Homo – Humans

We, humans, and our closest relatives – at least 8 species, all of which have gone extinct

Upright posture, walking on two legs, large brain and small canines – all have made the whole difference.

Our genus is 1.5–2.5 million years old. Except for us, contemporary humans, every other species has gone extinct. Traditional estimates place the extinction of Eurasia’s Neanderthals (Homo neanderthalensis) at about 30,000 years ago. Still, new evidence reveals that the Flores man (Homo floresiensis) of Indonesia may have existed as recently as 12,000 years ago.

Homo sapiens, arguably the most successful species ever, resulted in the extinction of many species, starting with animals such as the Smilodon (saber-toothed tiger), Giant ground sloth, and wooly mammoth, because of their newfound ability to use projectile weapons. This inadvertently led to the extinction of other homo species, such as the Neanderthals, who could not sustain the intraspecific competition and died out.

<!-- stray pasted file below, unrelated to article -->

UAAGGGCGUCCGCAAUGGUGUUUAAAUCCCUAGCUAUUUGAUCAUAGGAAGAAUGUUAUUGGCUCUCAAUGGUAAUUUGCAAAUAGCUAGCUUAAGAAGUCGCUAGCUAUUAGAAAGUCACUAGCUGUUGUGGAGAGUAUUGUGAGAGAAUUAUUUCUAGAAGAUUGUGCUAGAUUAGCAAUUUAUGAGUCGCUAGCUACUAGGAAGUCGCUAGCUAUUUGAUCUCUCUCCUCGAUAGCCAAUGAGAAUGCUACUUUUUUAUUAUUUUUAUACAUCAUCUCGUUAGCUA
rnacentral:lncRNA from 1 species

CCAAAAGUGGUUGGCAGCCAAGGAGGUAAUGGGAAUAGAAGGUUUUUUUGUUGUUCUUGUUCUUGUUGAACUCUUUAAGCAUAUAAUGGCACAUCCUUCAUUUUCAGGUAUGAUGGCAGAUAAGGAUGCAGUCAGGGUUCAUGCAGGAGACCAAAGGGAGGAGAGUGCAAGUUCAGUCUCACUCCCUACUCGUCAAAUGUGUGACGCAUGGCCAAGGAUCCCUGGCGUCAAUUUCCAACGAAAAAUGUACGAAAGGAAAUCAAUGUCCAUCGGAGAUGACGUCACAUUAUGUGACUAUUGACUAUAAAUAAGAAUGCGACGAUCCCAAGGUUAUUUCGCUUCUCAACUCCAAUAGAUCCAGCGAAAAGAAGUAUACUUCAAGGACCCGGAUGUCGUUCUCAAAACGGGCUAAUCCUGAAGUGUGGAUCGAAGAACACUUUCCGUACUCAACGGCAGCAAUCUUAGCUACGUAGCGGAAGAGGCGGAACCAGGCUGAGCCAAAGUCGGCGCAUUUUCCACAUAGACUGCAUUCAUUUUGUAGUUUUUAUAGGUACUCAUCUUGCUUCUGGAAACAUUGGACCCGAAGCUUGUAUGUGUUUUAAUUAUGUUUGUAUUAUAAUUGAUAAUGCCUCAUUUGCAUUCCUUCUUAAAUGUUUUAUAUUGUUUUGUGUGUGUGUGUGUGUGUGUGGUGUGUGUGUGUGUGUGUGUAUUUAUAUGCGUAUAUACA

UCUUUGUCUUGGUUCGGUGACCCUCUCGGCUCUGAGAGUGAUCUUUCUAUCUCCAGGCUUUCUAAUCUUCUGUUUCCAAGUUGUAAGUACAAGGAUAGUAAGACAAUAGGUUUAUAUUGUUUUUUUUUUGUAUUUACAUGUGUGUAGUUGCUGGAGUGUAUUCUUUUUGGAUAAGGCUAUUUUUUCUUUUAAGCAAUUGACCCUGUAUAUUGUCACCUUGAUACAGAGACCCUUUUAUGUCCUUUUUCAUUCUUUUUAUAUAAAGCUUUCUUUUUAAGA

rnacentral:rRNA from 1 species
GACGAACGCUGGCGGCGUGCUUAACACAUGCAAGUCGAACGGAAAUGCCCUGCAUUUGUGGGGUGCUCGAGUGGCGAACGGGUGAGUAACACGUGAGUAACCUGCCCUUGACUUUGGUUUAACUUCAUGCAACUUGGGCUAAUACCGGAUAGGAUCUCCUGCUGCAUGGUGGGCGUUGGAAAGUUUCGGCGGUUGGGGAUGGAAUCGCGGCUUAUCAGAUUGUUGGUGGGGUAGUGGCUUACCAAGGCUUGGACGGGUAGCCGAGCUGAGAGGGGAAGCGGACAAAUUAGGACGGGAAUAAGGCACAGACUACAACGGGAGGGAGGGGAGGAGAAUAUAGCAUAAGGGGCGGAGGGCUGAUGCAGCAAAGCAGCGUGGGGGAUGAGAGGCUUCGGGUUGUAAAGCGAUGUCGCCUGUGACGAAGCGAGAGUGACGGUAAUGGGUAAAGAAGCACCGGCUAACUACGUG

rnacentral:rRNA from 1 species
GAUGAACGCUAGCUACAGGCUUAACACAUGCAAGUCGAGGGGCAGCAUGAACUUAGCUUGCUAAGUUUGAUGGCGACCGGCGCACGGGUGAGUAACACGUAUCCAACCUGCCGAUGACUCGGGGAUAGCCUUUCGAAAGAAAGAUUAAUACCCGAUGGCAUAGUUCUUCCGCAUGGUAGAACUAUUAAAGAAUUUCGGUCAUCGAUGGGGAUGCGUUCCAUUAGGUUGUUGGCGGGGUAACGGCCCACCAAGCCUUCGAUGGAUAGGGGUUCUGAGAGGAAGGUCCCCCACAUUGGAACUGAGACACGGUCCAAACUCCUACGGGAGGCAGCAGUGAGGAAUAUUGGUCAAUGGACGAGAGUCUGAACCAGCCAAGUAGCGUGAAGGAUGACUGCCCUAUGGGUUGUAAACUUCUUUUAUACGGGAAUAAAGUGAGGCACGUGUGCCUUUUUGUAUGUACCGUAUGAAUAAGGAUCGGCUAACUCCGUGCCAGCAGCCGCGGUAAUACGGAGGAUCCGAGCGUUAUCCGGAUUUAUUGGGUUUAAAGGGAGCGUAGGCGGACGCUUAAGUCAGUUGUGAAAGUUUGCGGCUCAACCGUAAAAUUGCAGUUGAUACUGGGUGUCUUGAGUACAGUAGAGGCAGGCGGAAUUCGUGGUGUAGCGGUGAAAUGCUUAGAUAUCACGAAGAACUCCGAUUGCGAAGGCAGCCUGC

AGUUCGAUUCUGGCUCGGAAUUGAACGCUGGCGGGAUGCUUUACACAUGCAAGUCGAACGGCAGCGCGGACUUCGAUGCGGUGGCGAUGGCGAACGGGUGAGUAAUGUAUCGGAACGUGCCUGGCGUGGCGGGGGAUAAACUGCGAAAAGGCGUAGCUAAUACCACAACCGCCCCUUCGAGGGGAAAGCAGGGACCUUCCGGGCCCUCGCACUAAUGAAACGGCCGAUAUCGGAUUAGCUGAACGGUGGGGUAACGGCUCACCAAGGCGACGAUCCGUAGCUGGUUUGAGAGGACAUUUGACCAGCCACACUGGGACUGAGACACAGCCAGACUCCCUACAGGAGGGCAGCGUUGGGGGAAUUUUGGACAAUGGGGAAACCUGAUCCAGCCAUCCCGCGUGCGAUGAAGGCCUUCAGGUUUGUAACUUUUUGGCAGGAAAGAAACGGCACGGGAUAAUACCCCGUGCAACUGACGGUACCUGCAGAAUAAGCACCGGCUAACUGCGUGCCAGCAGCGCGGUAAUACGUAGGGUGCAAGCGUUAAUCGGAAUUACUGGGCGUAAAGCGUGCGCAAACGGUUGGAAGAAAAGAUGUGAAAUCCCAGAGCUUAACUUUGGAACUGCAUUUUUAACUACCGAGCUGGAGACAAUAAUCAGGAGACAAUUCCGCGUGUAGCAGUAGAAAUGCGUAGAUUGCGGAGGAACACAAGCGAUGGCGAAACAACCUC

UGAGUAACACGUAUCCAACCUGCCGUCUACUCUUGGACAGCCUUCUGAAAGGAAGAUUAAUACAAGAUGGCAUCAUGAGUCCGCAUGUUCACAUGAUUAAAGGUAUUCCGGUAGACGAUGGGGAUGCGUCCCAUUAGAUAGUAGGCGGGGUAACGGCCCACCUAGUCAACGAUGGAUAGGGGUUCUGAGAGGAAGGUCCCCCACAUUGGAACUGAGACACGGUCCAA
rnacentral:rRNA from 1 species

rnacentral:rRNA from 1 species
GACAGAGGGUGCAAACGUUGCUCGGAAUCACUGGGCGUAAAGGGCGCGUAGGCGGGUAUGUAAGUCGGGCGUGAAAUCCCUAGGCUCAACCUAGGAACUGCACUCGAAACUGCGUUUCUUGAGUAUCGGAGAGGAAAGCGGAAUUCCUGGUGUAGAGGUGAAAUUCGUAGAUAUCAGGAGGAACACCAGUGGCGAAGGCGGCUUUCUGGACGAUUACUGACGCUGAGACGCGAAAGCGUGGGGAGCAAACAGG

Compared to other primates, human babies require a longer development period to reach various milestones, such as walking or self-feeding. This prolonged period of dependency necessitates increased parental care and attention, leading to the development of complex family structures and social dynamics, contributing to greater cooperation, protection, and sharing of resources within the group.